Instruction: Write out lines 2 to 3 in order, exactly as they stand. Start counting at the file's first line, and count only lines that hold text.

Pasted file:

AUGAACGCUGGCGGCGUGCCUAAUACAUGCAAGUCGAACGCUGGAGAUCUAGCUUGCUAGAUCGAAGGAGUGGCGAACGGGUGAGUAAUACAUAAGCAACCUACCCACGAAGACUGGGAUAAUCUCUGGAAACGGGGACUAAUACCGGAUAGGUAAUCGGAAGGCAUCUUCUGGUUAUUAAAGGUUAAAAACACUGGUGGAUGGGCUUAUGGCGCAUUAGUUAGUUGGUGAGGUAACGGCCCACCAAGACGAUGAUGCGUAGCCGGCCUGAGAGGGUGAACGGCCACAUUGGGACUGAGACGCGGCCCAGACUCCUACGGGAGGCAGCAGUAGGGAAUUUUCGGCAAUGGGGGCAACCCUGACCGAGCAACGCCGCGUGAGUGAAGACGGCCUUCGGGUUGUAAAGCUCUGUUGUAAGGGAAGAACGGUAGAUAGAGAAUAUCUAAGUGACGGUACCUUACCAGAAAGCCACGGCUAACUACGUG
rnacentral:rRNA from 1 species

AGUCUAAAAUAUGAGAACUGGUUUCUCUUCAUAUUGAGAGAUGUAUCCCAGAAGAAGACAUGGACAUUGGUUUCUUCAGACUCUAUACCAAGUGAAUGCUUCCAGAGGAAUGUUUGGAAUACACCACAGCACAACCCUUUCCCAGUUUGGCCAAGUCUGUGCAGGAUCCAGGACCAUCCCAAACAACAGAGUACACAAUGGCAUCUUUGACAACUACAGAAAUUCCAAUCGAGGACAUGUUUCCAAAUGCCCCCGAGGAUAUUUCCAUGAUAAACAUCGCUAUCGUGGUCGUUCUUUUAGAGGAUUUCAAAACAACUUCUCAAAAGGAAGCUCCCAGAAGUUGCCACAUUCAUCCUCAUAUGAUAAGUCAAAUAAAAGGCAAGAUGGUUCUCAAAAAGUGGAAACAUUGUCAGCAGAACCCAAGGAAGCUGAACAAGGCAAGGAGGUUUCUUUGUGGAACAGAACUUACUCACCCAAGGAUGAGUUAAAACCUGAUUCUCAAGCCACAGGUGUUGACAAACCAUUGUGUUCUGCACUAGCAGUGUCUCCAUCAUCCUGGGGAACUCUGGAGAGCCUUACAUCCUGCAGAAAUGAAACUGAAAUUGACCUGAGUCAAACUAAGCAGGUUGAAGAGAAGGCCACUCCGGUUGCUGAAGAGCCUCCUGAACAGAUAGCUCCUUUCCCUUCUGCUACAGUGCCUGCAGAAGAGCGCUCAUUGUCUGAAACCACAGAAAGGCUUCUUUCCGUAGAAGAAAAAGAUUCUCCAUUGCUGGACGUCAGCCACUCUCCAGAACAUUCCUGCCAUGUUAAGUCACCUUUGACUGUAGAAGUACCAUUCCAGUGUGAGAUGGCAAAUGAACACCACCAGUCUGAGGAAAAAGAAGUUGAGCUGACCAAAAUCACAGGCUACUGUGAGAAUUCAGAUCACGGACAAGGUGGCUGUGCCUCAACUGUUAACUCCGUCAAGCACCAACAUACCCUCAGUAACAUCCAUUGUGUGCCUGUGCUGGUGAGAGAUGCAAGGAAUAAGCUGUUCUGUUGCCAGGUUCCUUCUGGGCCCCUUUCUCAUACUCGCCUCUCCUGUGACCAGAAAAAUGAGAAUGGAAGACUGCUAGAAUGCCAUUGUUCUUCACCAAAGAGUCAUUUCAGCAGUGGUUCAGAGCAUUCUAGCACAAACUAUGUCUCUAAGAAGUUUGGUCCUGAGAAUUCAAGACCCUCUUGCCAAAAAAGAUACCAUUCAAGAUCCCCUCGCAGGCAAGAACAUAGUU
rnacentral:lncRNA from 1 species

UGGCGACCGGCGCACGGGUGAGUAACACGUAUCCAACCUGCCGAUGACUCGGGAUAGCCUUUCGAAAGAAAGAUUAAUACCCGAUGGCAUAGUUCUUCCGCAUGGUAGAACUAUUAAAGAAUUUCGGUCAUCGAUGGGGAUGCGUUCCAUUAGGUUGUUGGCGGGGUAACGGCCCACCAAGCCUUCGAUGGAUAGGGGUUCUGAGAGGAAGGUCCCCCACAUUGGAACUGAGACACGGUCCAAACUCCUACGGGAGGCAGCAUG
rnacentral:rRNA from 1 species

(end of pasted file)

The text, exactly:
rnacentral:rRNA from 1 species

AGUCUAAAAUAUGAGAACUGGUUUCUCUUCAUAUUGAGAGAUGUAUCCCAGAAGAAGACAUGGACAUUGGUUUCUUCAGACUCUAUACCAAGUGAAUGCUUCCAGAGGAAUGUUUGGAAUACACCACAGCACAACCCUUUCCCAGUUUGGCCAAGUCUGUGCAGGAUCCAGGACCAUCCCAAACAACAGAGUACACAAUGGCAUCUUUGACAACUACAGAAAUUCCAAUCGAGGACAUGUUUCCAAAUGCCCCCGAGGAUAUUUCCAUGAUAAACAUCGCUAUCGUGGUCGUUCUUUUAGAGGAUUUCAAAACAACUUCUCAAAAGGAAGCUCCCAGAAGUUGCCACAUUCAUCCUCAUAUGAUAAGUCAAAUAAAAGGCAAGAUGGUUCUCAAAAAGUGGAAACAUUGUCAGCAGAACCCAAGGAAGCUGAACAAGGCAAGGAGGUUUCUUUGUGGAACAGAACUUACUCACCCAAGGAUGAGUUAAAACCUGAUUCUCAAGCCACAGGUGUUGACAAACCAUUGUGUUCUGCACUAGCAGUGUCUCCAUCAUCCUGGGGAACUCUGGAGAGCCUUACAUCCUGCAGAAAUGAAACUGAAAUUGACCUGAGUCAAACUAAGCAGGUUGAAGAGAAGGCCACUCCGGUUGCUGAAGAGCCUCCUGAACAGAUAGCUCCUUUCCCUUCUGCUACAGUGCCUGCAGAAGAGCGCUCAUUGUCUGAAACCACAGAAAGGCUUCUUUCCGUAGAAGAAAAAGAUUCUCCAUUGCUGGACGUCAGCCACUCUCCAGAACAUUCCUGCCAUGUUAAGUCACCUUUGACUGUAGAAGUACCAUUCCAGUGUGAGAUGGCAAAUGAACACCACCAGUCUGAGGAAAAAGAAGUUGAGCUGACCAAAAUCACAGGCUACUGUGAGAAUUCAGAUCACGGACAAGGUGGCUGUGCCUCAACUGUUAACUCCGUCAAGCACCAACAUACCCUCAGUAACAUCCAUUGUGUGCCUGUGCUGGUGAGAGAUGCAAGGAAUAAGCUGUUCUGUUGCCAGGUUCCUUCUGGGCCCCUUUCUCAUACUCGCCUCUCCUGUGACCAGAAAAAUGAGAAUGGAAGACUGCUAGAAUGCCAUUGUUCUUCACCAAAGAGUCAUUUCAGCAGUGGUUCAGAGCAUUCUAGCACAAACUAUGUCUCUAAGAAGUUUGGUCCUGAGAAUUCAAGACCCUCUUGCCAAAAAAGAUACCAUUCAAGAUCCCCUCGCAGGCAAGAACAUAGUU